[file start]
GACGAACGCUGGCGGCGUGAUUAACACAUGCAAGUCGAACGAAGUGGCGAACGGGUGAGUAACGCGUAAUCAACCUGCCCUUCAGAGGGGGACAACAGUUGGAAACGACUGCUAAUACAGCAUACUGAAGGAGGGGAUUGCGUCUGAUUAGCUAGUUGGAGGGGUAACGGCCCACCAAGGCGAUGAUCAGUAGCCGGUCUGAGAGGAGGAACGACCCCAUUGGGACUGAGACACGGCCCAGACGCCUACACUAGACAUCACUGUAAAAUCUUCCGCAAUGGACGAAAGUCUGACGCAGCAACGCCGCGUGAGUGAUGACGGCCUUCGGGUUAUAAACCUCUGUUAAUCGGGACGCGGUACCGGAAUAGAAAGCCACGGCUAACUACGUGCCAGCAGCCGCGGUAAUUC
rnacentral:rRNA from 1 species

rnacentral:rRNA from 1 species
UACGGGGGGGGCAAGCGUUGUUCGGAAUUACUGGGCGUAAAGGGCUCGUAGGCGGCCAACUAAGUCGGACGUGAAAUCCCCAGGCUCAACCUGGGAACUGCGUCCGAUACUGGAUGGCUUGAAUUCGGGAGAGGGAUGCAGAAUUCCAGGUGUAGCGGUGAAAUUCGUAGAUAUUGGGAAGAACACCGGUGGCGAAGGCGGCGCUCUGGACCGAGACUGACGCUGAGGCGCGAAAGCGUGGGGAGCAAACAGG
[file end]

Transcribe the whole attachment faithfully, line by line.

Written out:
GACGAACGCUGGCGGCGUGAUUAACACAUGCAAGUCGAACGAAGUGGCGAACGGGUGAGUAACGCGUAAUCAACCUGCCCUUCAGAGGGGGACAACAGUUGGAAACGACUGCUAAUACAGCAUACUGAAGGAGGGGAUUGCGUCUGAUUAGCUAGUUGGAGGGGUAACGGCCCACCAAGGCGAUGAUCAGUAGCCGGUCUGAGAGGAGGAACGACCCCAUUGGGACUGAGACACGGCCCAGACGCCUACACUAGACAUCACUGUAAAAUCUUCCGCAAUGGACGAAAGUCUGACGCAGCAACGCCGCGUGAGUGAUGACGGCCUUCGGGUUAUAAACCUCUGUUAAUCGGGACGCGGUACCGGAAUAGAAAGCCACGGCUAACUACGUGCCAGCAGCCGCGGUAAUUC
rnacentral:rRNA from 1 species

rnacentral:rRNA from 1 species
UACGGGGGGGGCAAGCGUUGUUCGGAAUUACUGGGCGUAAAGGGCUCGUAGGCGGCCAACUAAGUCGGACGUGAAAUCCCCAGGCUCAACCUGGGAACUGCGUCCGAUACUGGAUGGCUUGAAUUCGGGAGAGGGAUGCAGAAUUCCAGGUGUAGCGGUGAAAUUCGUAGAUAUUGGGAAGAACACCGGUGGCGAAGGCGGCGCUCUGGACCGAGACUGACGCUGAGGCGCGAAAGCGUGGGGAGCAAACAGG